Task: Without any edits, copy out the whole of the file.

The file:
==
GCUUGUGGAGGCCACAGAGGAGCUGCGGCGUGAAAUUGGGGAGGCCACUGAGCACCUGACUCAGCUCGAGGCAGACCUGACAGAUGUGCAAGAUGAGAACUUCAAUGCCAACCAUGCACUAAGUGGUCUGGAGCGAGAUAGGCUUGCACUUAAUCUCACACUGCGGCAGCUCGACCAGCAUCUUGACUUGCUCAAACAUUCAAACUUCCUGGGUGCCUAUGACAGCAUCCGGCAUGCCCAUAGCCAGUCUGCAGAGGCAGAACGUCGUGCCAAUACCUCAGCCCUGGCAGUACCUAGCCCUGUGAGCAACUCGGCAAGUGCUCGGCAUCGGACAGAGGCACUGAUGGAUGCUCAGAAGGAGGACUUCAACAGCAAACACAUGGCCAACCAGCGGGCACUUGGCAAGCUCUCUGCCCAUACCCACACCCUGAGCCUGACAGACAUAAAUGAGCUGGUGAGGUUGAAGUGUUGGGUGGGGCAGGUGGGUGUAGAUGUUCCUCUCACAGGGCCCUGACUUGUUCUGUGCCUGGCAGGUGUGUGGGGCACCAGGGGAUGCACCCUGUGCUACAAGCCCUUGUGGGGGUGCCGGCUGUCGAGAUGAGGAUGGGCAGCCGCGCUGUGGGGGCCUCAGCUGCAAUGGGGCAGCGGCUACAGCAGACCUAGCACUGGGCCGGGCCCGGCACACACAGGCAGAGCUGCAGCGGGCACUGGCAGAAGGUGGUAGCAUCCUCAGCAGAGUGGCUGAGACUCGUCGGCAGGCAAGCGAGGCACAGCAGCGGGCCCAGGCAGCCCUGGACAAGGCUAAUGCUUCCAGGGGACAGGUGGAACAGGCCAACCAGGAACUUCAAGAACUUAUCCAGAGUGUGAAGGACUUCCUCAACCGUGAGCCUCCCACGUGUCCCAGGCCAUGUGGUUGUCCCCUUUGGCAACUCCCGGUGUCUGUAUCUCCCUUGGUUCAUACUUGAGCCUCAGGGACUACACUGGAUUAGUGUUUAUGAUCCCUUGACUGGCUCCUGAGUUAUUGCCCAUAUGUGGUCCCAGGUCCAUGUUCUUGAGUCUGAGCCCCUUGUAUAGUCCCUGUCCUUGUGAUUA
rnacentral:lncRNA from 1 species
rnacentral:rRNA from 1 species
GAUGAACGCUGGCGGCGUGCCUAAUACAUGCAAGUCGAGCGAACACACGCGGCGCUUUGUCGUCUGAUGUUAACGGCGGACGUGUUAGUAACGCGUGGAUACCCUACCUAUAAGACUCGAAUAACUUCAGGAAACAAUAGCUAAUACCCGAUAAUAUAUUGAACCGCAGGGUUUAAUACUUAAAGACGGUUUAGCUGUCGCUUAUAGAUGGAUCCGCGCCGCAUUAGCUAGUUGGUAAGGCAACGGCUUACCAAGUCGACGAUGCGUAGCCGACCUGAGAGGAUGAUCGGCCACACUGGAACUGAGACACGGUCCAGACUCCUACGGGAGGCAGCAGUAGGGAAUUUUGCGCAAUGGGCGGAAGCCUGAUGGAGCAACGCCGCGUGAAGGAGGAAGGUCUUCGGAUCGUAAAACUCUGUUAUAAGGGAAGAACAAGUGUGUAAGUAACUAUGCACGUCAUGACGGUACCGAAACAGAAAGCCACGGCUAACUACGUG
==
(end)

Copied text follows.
GCUUGUGGAGGCCACAGAGGAGCUGCGGCGUGAAAUUGGGGAGGCCACUGAGCACCUGACUCAGCUCGAGGCAGACCUGACAGAUGUGCAAGAUGAGAACUUCAAUGCCAACCAUGCACUAAGUGGUCUGGAGCGAGAUAGGCUUGCACUUAAUCUCACACUGCGGCAGCUCGACCAGCAUCUUGACUUGCUCAAACAUUCAAACUUCCUGGGUGCCUAUGACAGCAUCCGGCAUGCCCAUAGCCAGUCUGCAGAGGCAGAACGUCGUGCCAAUACCUCAGCCCUGGCAGUACCUAGCCCUGUGAGCAACUCGGCAAGUGCUCGGCAUCGGACAGAGGCACUGAUGGAUGCUCAGAAGGAGGACUUCAACAGCAAACACAUGGCCAACCAGCGGGCACUUGGCAAGCUCUCUGCCCAUACCCACACCCUGAGCCUGACAGACAUAAAUGAGCUGGUGAGGUUGAAGUGUUGGGUGGGGCAGGUGGGUGUAGAUGUUCCUCUCACAGGGCCCUGACUUGUUCUGUGCCUGGCAGGUGUGUGGGGCACCAGGGGAUGCACCCUGUGCUACAAGCCCUUGUGGGGGUGCCGGCUGUCGAGAUGAGGAUGGGCAGCCGCGCUGUGGGGGCCUCAGCUGCAAUGGGGCAGCGGCUACAGCAGACCUAGCACUGGGCCGGGCCCGGCACACACAGGCAGAGCUGCAGCGGGCACUGGCAGAAGGUGGUAGCAUCCUCAGCAGAGUGGCUGAGACUCGUCGGCAGGCAAGCGAGGCACAGCAGCGGGCCCAGGCAGCCCUGGACAAGGCUAAUGCUUCCAGGGGACAGGUGGAACAGGCCAACCAGGAACUUCAAGAACUUAUCCAGAGUGUGAAGGACUUCCUCAACCGUGAGCCUCCCACGUGUCCCAGGCCAUGUGGUUGUCCCCUUUGGCAACUCCCGGUGUCUGUAUCUCCCUUGGUUCAUACUUGAGCCUCAGGGACUACACUGGAUUAGUGUUUAUGAUCCCUUGACUGGCUCCUGAGUUAUUGCCCAUAUGUGGUCCCAGGUCCAUGUUCUUGAGUCUGAGCCCCUUGUAUAGUCCCUGUCCUUGUGAUUA
rnacentral:lncRNA from 1 species
rnacentral:rRNA from 1 species
GAUGAACGCUGGCGGCGUGCCUAAUACAUGCAAGUCGAGCGAACACACGCGGCGCUUUGUCGUCUGAUGUUAACGGCGGACGUGUUAGUAACGCGUGGAUACCCUACCUAUAAGACUCGAAUAACUUCAGGAAACAAUAGCUAAUACCCGAUAAUAUAUUGAACCGCAGGGUUUAAUACUUAAAGACGGUUUAGCUGUCGCUUAUAGAUGGAUCCGCGCCGCAUUAGCUAGUUGGUAAGGCAACGGCUUACCAAGUCGACGAUGCGUAGCCGACCUGAGAGGAUGAUCGGCCACACUGGAACUGAGACACGGUCCAGACUCCUACGGGAGGCAGCAGUAGGGAAUUUUGCGCAAUGGGCGGAAGCCUGAUGGAGCAACGCCGCGUGAAGGAGGAAGGUCUUCGGAUCGUAAAACUCUGUUAUAAGGGAAGAACAAGUGUGUAAGUAACUAUGCACGUCAUGACGGUACCGAAACAGAAAGCCACGGCUAACUACGUG